Political groups at USC have a substantial impact on student awareness and participation in the political process. For some international students who have never experienced the political freedoms that American students sometimes take for granted, that impact is much more personal and profound.
USC enrolls more international students, who collectively represent over 130 countries, than any other university in the country. International students do not have permanent residence or citizenship in the United States and instead study in the United States with a student visa. Because of citizenship and permanent residency requirements, international students can’t vote, which might lead one to expect little involvement of international students in political groups like the College Democrats, the College Republicans or the Political Student Assembly.
But time and time again, USC has demonstrated a trend of exceeding expectations — and one international student making a difference in California elections is living proof of that.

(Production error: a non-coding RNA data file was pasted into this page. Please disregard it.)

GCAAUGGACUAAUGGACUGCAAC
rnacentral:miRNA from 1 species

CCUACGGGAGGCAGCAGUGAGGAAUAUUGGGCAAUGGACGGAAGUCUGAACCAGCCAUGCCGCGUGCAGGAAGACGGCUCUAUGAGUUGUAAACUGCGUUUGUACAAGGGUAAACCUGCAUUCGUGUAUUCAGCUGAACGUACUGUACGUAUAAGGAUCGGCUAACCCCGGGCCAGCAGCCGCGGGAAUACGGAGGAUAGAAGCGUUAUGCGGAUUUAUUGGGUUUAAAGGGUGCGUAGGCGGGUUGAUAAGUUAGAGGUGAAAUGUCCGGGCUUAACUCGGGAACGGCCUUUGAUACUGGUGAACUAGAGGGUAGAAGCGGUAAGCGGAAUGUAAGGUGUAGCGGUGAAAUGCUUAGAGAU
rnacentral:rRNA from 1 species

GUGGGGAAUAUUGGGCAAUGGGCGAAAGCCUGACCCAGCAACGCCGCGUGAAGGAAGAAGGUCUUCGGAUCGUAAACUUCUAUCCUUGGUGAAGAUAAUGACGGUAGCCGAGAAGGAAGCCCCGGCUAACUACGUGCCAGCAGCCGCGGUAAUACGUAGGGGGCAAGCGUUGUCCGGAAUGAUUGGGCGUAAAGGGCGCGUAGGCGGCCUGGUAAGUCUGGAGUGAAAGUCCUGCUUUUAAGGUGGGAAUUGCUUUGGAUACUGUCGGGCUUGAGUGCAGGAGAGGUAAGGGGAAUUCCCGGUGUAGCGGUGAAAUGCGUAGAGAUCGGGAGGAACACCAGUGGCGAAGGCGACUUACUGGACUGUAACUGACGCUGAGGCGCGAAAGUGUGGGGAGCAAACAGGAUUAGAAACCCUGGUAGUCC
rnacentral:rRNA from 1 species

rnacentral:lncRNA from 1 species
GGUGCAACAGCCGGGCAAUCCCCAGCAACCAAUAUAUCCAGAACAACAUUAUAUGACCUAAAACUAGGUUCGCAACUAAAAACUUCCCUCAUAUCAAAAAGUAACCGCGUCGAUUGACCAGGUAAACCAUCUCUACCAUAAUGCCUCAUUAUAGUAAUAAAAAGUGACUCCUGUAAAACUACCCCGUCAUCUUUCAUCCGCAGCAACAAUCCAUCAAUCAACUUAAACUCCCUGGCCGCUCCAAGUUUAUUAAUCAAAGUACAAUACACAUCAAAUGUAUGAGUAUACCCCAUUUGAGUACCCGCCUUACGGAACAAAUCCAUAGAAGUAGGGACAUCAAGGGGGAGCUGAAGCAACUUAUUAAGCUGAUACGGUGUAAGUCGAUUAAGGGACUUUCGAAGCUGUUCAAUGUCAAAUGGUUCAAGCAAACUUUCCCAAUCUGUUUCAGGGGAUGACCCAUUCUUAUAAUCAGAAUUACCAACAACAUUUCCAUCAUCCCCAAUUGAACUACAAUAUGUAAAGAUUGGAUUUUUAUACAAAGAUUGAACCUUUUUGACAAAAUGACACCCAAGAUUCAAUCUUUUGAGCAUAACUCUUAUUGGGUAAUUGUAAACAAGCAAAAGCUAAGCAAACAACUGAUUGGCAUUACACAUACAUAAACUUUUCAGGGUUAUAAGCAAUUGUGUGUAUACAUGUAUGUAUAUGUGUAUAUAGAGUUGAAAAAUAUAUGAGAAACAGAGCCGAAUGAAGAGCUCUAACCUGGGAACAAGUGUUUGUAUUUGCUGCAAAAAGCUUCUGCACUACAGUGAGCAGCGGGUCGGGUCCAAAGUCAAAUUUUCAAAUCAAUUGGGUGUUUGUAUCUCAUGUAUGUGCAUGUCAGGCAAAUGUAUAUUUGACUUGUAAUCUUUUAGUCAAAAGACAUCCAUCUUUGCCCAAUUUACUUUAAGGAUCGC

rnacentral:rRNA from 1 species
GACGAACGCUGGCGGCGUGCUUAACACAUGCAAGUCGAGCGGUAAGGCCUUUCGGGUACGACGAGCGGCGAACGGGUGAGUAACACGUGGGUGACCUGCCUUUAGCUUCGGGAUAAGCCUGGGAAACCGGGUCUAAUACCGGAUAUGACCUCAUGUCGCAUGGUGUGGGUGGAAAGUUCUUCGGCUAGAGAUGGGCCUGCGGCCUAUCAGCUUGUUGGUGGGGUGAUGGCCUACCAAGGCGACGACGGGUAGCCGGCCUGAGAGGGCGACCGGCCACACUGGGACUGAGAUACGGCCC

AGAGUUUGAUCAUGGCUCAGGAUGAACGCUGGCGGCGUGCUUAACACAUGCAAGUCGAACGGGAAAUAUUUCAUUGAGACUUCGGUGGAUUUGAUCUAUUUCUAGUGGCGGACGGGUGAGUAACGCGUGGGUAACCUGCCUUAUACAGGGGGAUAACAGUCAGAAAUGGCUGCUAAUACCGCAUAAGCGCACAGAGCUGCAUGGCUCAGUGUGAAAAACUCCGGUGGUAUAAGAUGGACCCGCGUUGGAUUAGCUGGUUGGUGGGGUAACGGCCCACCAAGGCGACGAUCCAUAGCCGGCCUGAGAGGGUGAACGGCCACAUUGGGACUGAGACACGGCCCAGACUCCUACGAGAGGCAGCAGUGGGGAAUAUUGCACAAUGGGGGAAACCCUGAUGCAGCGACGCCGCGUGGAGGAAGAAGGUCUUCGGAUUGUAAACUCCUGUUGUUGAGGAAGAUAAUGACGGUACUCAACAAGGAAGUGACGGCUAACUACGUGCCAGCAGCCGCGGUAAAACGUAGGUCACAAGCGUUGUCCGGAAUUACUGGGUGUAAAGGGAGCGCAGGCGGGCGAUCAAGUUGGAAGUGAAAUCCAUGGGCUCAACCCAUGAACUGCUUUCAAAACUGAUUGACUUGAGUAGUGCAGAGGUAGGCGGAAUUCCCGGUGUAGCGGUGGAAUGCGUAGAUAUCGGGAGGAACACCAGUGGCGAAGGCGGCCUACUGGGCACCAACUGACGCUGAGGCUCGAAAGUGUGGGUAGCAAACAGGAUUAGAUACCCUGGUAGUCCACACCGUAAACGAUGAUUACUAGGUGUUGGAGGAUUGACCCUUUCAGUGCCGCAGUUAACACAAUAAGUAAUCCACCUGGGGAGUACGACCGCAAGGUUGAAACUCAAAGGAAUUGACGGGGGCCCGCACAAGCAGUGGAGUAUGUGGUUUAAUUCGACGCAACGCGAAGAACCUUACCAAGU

Mina Moussa was born in Egypt and goes to school full time in Spain. He is studying business, finance and entrepreneurship at USC as an exchange student for the semester and is considering staying for the entire year.
“I was quite interested that in the United States, you can actually have a say in politics and fight for your future,” Moussa said. “This never existed back home in Egypt, but maybe after this revolution, which is mainly the younger generation, it will.”
Coming from a country that discourages political involvement, Moussa said he wants to experience the privilege many American students enjoy to have a say in their government, something that is often taken for granted. He began working for Republican Greg Conlon’s campaign for California State Treasurer because he wanted to make a difference.
“I got involved in his campaign because I agreed with what he was fighting for and it mattered most to me,” Moussa said.